BUSINESS

New trucking commissioner tasked with keeping trucks rolling at B.C. port

02/03/2015 06:47 EST | Updated 04/05/2015 05:59 EDT
VANCOUVER - The union representing container truck drivers at Canada's largest port claims the person who's been hired to improve their members' working conditions is in a "blatant conflict of interest."

B.C.'s Ministry of Transportation Todd Stone announced Tuesday the appointment of Andy Smith as the container trucking commissioner.

His appointment comes a week after Port Metro Vancouver announced changes to its licensing system, which excluded some companies that once hauled cargo.

Smith is responsible for the licensing system, must create and consult with an advisory committee on issues such as trucking rates and oversee a whistleblower phone line.

But Gavin McGarrigle, area director for Unifor BC, said Smith is also president and chief executive officer of the BC Maritime Employers Association, which represents companies during contract talks with unions at Metro Vancouver ports.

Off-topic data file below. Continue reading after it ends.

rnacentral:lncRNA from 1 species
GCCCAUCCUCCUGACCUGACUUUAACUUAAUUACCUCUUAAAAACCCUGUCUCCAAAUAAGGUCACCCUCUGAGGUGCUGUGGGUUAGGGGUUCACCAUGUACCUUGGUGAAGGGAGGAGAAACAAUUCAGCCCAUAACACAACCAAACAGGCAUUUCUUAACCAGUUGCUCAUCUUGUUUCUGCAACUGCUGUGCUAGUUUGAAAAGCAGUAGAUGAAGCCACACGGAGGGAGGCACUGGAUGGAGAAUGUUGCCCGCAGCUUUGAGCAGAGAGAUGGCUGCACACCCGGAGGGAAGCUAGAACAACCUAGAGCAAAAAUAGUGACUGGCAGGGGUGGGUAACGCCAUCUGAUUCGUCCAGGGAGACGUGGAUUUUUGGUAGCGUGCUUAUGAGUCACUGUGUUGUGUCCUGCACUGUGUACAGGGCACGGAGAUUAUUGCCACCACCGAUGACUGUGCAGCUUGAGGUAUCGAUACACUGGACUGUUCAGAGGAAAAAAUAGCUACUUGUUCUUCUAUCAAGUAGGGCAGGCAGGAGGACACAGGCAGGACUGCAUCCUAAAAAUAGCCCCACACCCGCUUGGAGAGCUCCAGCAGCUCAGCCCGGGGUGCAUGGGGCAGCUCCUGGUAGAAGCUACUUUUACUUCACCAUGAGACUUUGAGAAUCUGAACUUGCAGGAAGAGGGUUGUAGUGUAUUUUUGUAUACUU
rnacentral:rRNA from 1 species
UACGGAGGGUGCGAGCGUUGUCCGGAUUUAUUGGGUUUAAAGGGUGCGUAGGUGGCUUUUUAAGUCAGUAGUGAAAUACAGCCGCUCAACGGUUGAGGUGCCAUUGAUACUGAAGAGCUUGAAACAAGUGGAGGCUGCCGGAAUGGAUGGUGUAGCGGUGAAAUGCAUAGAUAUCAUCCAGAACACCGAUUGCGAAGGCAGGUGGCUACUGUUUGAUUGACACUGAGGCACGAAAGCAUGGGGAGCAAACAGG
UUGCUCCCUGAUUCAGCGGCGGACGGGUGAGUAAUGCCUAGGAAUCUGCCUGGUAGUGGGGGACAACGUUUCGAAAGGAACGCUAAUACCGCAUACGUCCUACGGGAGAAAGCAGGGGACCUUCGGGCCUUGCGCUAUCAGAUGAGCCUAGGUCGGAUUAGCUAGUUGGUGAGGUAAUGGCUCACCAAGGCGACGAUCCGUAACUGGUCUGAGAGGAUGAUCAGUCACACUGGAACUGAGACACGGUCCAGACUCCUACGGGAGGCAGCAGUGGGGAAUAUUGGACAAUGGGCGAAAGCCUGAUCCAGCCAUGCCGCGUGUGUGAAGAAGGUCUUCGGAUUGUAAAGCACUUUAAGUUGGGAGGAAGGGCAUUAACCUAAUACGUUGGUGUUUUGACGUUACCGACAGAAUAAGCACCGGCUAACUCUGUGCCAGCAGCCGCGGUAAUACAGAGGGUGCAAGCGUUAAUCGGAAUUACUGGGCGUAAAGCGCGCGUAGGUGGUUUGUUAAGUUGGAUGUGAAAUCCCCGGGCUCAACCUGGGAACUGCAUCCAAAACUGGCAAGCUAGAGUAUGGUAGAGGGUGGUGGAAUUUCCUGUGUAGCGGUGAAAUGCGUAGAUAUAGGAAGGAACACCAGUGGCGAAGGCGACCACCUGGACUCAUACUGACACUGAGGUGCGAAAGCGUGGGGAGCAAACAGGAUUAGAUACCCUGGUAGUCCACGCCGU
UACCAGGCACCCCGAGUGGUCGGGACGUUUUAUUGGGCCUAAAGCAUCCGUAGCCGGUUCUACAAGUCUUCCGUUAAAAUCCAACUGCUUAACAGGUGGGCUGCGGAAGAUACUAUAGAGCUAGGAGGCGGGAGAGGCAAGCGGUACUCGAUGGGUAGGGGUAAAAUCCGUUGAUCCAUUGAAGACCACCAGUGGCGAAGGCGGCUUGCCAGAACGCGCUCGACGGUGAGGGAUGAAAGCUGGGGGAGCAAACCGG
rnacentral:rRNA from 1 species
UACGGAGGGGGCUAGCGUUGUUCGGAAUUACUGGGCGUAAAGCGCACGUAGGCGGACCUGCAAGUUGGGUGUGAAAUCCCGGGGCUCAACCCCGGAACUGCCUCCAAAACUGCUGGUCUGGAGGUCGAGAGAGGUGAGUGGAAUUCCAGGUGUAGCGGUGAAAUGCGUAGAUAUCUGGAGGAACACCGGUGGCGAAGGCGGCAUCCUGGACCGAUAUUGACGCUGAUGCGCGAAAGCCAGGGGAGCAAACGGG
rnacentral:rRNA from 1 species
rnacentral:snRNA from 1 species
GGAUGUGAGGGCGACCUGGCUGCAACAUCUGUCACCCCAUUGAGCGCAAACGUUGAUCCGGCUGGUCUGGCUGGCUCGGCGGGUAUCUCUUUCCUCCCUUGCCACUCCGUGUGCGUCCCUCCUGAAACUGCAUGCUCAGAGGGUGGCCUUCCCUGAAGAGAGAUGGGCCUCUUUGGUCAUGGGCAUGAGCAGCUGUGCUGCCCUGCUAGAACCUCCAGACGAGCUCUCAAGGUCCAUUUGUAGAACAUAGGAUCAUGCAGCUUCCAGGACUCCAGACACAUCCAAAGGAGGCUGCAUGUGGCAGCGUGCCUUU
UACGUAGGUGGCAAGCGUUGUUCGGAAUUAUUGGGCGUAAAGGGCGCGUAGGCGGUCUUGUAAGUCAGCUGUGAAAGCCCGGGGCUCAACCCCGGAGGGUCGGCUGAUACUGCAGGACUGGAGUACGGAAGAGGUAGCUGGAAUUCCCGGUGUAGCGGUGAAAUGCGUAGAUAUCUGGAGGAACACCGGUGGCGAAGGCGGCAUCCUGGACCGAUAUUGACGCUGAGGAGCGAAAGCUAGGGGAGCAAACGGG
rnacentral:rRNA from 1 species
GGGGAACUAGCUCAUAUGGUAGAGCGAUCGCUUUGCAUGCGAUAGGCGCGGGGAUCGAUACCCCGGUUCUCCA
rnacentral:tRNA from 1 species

"It just appears to be a blatant conflict of interest," said McGarrigle, whose union represents about 400 drivers.

He questioned how someone can represent the interests of terminal operators that pay for truck-waiting times and then serve in a position that regulates those truck rates.

"At this stage, it appears to be a case of ... tone deafness from the federal and provincial governments of putting the fox in charge of the henhouse and how they think that this is going to contribute to stability is beyond me."

Stone was not available for comment but said in an email that Smith has a wealth of experience and in-depth knowledge of the container trucking sector.

"I'm confident Andy will be able to positively engage with labour and industry and bring much needed stability to the ports, which are of enormous importance to our provincial and national economies," said Stone.

Smith's post was created last fall when the province passed laws regulating industry rates and addressing long-standing complaints about companies undercutting drivers' wages.

Gurjit Dulay of the non-union United Truckers Association of B.C. declined to comment on Smith's appointment but says more than 100 companies are protesting the loss of their port licenses under the new rules.

About 1,300 union and non-union container truck drivers withdrew their services early last year over those and other issues.

The truckers went back to work in late March after negotiating an action plan that promised to improve job conditions.